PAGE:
Turnips have been cultivated for over 4,000 years and were a staple food in ancient Greece and Rome, showcasing their enduring popularity throughout history.

Turnips have cultural significance in various traditions and folklore, often symbolizing resilience, nourishment, and even as a subject of superstitions, highlighting their symbolic importance in different cultures.

Turnips played a crucial role in human diets during times of food scarcity and were a staple crop in many regions, providing sustenance during lean periods, underscoring their historical importance as a reliable food source. Turnips are featured in traditional dishes around the world, from turnip cakes in Chinese cuisine to neeps and tatties in Scottish cooking, showcasing their versatility in culinary traditions. But in ancient Egypt and Greece, it was treated without due respect, considering it to be food for slaves. For example, the builders who built the Egyptian pyramids were fed with turnips.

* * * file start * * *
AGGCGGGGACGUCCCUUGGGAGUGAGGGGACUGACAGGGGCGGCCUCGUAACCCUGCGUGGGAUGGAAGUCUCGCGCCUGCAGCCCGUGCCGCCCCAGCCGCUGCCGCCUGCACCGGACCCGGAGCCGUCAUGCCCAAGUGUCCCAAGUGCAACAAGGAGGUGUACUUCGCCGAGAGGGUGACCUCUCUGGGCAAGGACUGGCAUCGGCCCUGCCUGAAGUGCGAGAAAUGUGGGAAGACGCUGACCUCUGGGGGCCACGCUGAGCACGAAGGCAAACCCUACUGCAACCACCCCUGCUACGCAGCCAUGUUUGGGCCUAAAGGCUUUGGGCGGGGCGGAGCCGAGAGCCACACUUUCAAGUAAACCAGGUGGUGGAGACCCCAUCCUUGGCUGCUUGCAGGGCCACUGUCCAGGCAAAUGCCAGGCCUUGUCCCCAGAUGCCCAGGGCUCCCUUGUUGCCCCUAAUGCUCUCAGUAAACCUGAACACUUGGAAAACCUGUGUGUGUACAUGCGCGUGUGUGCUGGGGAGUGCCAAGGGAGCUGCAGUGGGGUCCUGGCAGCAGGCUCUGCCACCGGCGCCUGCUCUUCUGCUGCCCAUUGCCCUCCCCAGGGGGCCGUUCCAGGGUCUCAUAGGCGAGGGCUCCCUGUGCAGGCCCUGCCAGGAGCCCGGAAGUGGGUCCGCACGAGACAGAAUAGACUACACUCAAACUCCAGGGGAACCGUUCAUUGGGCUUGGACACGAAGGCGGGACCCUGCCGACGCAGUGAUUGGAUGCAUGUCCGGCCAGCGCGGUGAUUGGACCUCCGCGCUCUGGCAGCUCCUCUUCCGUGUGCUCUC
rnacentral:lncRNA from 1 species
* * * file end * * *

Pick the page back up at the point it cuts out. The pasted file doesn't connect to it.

Every year on the second Saturday of November, the Swiss city of Richterschwil is host to the Turnip Festival. This tradition started about a hundred years ago. the streets and houses of the city are decorated with thousands of lanterns made of turnip. The visitors of the event are offered a large selection of dishes. This is the largest turnip festival in the world. During the festival, it is harvested about 25 tons.